HARARE, (Reuters) – Eucalyptus trees, popularly known as gum trees, stand tall amid Zimbabwe’s forests. But those dotting the Harare-Beitbridge roadside, just outside the capital, are in trouble, with their bark fraying off.
They – and other tree species – are suffering not only due to this year’s severe El Niño-induced drought, experts say, but also from an onslaught of pests, first detected in 2015.
They include the eucalyptus leaf beetle which chews irregular notches along the edges of the trees’ leaves.
“A war waged on forests by pests is gathering momentum, and besides wood poachers causing deforestation, the pests have become the new drivers of desertification,” said Mevion Chagwiza, an environmental activist affiliated to the Zimbabwe Environmental Law Association.
The country’s Forestry Commission lays some of the blame for the surge in forest pests on climate shifts, as global warming heats up the planet.
“These pest outbreaks are partly attributed to changes in climatic conditions which are now making previously unsuitable geographical areas amenable to ‘occupation’ by these alien species,” said Forestry Commission spokeswoman Violet Makoto.
The insects attacking Zimbabwe’s forests and plantations include the blue gum chalcid, a gall-inducing type of wasp, the bronze bug and the red gum lerp psyllid, all of Australian origin, Makoto said.
The bronze bug is a sapsucker that feeds on eucalyptus leaves, while the red gum lerp psyllid attacks the red gum and more than 25 other varieties of eucalyptus, with the female laying eggs on the leaves.
The pests damage tree foliage and young shoots, impairing growth. As a result of massive defoliation and disruption of physiological processes, the trees eventually die, Makoto said.
The commission says trade between countries and the increased movement of people around the globe have also contributed to the spread of the pests.
Even before the arrival of the pests towards the end of last year, the southern African nation’s forests were dwindling.
The Ministry of Environment, Water and Climate says Zimbabwe has a deforestation rate of 330,000 trees per year.
From last September to the end of May, the ministry estimates that 43,000 eucalyptus trees succumbed to forest pests alone, in addition to some 24,000 trees of other species. But the pests are not forest enemy number one.
Some 57,000 trees perished due to drought linked to a strong El Niño event, which affected weather patterns worldwide, while another 80,000 were cut down for timber during the same period.
“In Zimbabwe, the major drivers of deforestation have been the conversion of forest land to agricultural land, which accounts for 80 percent of the deforestation rate,” Oppah Muchinguri, Zimbabwe’s environment minister, told the Thomson Reuters Foundation.
Still, experts say pests are a growing threat to forests.
“The pests destroying trees here have targeted eucalyptus trees the most, while on the other side tree-poaching is also affecting forests,” said government ecologist Henry Kazingizi.
According to statistics from the Timber Producers Federation, the onset of gum tree diseases has reduced the amount of land used for commercial timber production to 80,000 hectares (197,684 acres) from over 108,000 hectares in the past decade. Eucalyptus plantations recorded the biggest decrease.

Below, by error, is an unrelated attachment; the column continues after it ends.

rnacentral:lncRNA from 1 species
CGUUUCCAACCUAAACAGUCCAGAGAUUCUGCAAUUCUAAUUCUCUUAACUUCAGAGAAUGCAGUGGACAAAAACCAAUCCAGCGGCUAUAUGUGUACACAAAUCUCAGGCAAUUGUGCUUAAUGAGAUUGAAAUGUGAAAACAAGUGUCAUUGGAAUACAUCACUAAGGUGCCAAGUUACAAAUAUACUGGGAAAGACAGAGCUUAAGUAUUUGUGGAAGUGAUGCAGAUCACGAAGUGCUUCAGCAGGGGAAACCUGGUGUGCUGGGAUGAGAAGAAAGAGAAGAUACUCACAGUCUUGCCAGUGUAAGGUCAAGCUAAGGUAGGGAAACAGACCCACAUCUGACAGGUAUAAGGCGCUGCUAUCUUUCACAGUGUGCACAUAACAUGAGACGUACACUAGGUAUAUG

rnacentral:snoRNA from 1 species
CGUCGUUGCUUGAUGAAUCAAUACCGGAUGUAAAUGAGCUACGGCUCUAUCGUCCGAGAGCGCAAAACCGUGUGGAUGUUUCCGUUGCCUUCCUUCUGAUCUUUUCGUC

The Forestry Commission’s research division says the devastating effects of alien invasive pest species are now widespread in many parts of the country where eucalyptus is grown.
“The pests affect almost all growth stages of the tree, beginning from the nursery to mature plants in the field,” said the commission’s Makoto.
Community wood lots throughout the country, which provide fuel wood for tobacco farmers and households, and eucalyptus plantations, which also provide timber and poles for industrial use, have all felt the pinch from the pests, she added.
Makoto warned that a drop in the availability of eucalyptus could expose indigenous tree species to exploitation for tobacco curing – “a scenario which is not ideal given the already alarming levels of deforestation”.
The commission believes the explosion of forest pests should not deter eucalyptus growers.
“Very few species so far match eucalyptus in terms of (its) benefits,” Makoto said. “It has just been unfortunate with these pests, but we believe it’s a passing phase as we are working towards a solution.”
The commission earlier this year partnered with the U.N. Food and Agriculture Organization to start implementing a biological control programme for the pests.
This involves importing a biological control agent, often referred to as a “natural enemy”, which can keep down the pest population in the environment. The method relies on predation, parasitism and other natural mechanisms, but also involves management by humans.
Some experts, however, see the pests as a “necessary evil”.
“Pests are considered to be a natural component of the forest ecosystem as they play a part in getting rid of feeble trees and recycling litter on the forest floor, which becomes food for birds and other animals,” said Tracy Mutasa, a Harare-based agricultural extension officer. (Reporting by Jeffrey Moyo; editing by Megan Rowling. Please credit the Thomson Reuters Foundation, the charitable arm of Thomson Reuters, that covers humanitarian news, women’s rights, trafficking, property rights and climate change. Visit news.trust.org)